This article explores the medieval Latinity from a conceptual perspective. It suggests two possible lines of enquiry. The first is sociolinguistic, which leads to a study of the ideological and cultural functions of Latinity in the medieval West that might feature subjects such as Latinity's identification with learning and the clerisy, association with ethical habitus and the transcendent, and practical role in the slow societal transition “from memory to written record.” A sociolinguistic enquiry into medieval Latin, in other words, is bound up with the study of western pedagogy and learning on the one hand, and intellectual and institutional history on the other: linked areas of study long of central interest to medievalists. The second avenue, which is metalinguistic, focuses less on the functions of Latinity, moral or practical, than on the language's associations and meanings: on what Latinitas signified in the western Middle Ages, both in itself and, especially, in its relation to other languages.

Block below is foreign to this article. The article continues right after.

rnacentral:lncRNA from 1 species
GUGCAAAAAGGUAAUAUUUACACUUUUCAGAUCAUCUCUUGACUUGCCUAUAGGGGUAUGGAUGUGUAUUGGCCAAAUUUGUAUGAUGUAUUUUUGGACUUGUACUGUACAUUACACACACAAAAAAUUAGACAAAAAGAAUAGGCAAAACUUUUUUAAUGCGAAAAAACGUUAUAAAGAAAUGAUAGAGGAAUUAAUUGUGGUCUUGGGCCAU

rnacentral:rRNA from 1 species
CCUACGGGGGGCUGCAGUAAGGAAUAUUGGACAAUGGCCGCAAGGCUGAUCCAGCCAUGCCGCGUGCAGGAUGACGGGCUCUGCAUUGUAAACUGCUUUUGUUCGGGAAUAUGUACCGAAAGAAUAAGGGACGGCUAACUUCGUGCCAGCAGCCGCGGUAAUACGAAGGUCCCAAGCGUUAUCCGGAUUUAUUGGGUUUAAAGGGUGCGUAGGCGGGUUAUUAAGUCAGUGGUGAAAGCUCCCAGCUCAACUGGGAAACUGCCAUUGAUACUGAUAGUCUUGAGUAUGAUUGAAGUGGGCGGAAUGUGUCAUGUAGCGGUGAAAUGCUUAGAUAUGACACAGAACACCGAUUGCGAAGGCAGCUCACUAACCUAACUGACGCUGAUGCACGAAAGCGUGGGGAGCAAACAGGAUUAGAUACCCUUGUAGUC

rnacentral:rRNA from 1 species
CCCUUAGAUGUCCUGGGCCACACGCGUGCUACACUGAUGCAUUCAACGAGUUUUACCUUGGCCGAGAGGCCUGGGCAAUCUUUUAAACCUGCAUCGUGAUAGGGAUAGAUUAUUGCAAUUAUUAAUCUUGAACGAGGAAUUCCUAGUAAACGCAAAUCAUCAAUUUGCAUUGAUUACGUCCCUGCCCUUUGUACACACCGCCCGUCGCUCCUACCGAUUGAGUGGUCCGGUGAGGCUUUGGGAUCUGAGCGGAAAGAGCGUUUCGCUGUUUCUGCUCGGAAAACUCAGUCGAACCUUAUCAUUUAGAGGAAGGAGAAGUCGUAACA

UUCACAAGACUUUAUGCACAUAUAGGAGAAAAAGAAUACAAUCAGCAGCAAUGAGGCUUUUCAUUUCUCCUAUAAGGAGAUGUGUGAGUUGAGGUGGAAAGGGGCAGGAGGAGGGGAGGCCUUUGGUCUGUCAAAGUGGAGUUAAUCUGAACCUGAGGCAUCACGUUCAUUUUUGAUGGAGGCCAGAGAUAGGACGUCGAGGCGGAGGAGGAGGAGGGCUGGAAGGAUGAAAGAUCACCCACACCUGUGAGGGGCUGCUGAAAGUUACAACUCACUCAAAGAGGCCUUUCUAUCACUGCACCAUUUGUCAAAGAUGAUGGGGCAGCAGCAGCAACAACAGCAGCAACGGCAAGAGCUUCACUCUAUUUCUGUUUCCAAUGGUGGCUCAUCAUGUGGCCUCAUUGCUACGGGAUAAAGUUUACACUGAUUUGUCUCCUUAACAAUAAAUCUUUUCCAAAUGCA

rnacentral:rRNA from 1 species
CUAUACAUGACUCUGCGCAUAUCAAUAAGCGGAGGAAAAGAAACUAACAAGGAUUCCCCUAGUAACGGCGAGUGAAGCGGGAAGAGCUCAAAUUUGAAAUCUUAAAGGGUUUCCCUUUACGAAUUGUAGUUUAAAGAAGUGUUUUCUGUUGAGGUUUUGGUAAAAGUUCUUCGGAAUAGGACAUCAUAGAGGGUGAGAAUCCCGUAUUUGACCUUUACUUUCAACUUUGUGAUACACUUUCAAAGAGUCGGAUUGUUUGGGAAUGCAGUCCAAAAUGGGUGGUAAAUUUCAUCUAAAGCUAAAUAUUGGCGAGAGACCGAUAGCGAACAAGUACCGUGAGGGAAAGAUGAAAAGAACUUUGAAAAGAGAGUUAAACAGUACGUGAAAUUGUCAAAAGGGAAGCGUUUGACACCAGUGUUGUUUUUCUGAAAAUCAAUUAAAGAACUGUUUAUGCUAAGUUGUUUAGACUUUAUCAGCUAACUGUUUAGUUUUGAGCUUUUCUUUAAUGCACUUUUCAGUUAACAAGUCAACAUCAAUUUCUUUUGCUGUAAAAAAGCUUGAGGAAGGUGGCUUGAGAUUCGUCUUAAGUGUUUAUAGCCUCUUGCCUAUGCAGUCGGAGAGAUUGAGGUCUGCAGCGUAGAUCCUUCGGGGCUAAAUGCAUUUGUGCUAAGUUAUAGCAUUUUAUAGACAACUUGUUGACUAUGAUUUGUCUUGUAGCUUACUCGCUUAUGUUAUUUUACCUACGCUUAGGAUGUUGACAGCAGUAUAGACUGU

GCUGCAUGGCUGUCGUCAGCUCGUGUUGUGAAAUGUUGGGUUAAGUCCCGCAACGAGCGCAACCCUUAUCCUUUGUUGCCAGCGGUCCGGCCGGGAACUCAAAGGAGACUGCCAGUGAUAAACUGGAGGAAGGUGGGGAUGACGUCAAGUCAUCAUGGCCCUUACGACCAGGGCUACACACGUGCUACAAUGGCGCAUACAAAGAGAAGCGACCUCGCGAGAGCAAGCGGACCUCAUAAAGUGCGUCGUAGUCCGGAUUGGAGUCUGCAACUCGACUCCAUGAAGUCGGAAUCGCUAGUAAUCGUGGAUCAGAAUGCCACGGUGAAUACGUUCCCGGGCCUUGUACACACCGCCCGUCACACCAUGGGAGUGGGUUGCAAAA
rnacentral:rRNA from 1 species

Susan Boynton and Margot Fassler